Bloomberg reported that South Africa was looking at the possibility of selling shares in publicly traded companies to boost Eskom’s finances which are in dire need of support.
Last week, government revealed in its mid-term budget that R20 billion will be allocated to Eskom through the sales of assets which are not fundamental to the overall product of the utility. The Industrial Development Corp (IDC) holds some of these which include shares in Sasol, a global producer of fuel, produced by means of coal-fire power.
Following the announcement, Eskom’s long term rating of BBB+ was reaffirmed yesterday by credit ratings agency Fitch.
Minister of Finance, Nhlanhla Nene assured that the form of share ownership would not affect the way government would generate funds. During an interview at a conference in London on Monday, he told reporters: ‘If it’s held by government, it’s held by government… There are areas where the government shouldn’t be invested. It’s those areas that we are looking at.’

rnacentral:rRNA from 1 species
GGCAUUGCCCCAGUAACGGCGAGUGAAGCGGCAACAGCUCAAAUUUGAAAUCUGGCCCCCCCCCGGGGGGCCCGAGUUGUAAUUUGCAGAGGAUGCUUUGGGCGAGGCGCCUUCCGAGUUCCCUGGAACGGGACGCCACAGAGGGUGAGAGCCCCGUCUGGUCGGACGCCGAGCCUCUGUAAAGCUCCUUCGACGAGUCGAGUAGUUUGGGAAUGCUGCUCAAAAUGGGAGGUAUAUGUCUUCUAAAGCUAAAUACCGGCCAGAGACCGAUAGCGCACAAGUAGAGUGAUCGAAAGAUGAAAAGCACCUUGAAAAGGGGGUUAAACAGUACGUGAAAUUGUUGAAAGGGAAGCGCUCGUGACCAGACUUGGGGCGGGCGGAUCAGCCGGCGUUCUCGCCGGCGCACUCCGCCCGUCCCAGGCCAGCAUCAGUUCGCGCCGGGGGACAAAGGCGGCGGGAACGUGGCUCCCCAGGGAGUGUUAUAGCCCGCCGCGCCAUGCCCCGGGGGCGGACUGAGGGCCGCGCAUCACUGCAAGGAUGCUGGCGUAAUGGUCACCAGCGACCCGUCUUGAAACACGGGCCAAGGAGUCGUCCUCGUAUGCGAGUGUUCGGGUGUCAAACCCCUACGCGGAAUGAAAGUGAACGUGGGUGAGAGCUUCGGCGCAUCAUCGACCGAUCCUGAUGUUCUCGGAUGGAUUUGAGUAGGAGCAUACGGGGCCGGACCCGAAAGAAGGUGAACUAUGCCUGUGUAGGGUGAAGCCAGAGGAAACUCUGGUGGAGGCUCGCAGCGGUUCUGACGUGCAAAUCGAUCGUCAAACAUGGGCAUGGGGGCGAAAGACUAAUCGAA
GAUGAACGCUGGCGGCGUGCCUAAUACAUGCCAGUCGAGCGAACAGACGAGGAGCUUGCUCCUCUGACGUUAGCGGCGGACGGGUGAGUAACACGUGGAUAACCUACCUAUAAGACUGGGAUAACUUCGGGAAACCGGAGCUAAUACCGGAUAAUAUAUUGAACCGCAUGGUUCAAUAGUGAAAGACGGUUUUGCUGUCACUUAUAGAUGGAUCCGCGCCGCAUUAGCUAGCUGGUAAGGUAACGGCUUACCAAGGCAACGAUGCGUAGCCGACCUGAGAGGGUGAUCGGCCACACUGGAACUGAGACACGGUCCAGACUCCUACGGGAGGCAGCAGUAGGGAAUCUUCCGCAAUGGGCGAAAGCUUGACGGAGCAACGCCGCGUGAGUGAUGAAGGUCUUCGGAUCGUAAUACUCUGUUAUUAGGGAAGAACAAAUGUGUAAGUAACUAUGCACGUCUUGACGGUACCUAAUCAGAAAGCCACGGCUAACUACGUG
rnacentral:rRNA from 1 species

Eskom has recently been shredded in the media for not being able to meet consumer demand, where 95 per cent of South African’s rely on the utility for power. A large cash injection of R225 billion is needed to ensure the utility can stay above water for the next five years.
Bloomberg reported that the IDC owns 8.2 pe rcent shares in Sasol worth a staggering R29 billion; 13 per cent of Anglo American Plc unit Kumba Iron Ore Ltd amounting to R11 billion; and 7.9 per cent share in ArcelorMittal South Africa for R1.2billion.
Rob Davies, minister of trade and industry, said in an interview at the same London conference that unlisted companies including freight firm Transnet SOC Ltd and Eskom would resume their status of being state owned.
Davies said this was essential as they are, and continue to be large contributors to the country’s infrastructure.
The selling of non-core assets had been reported in ESI in September when South Africa’s National Treasury had stepped in with a bailout package for Eskom.
Photo source: Gallo Images / Nardus Engelbrecht
Picture source: Bloomberg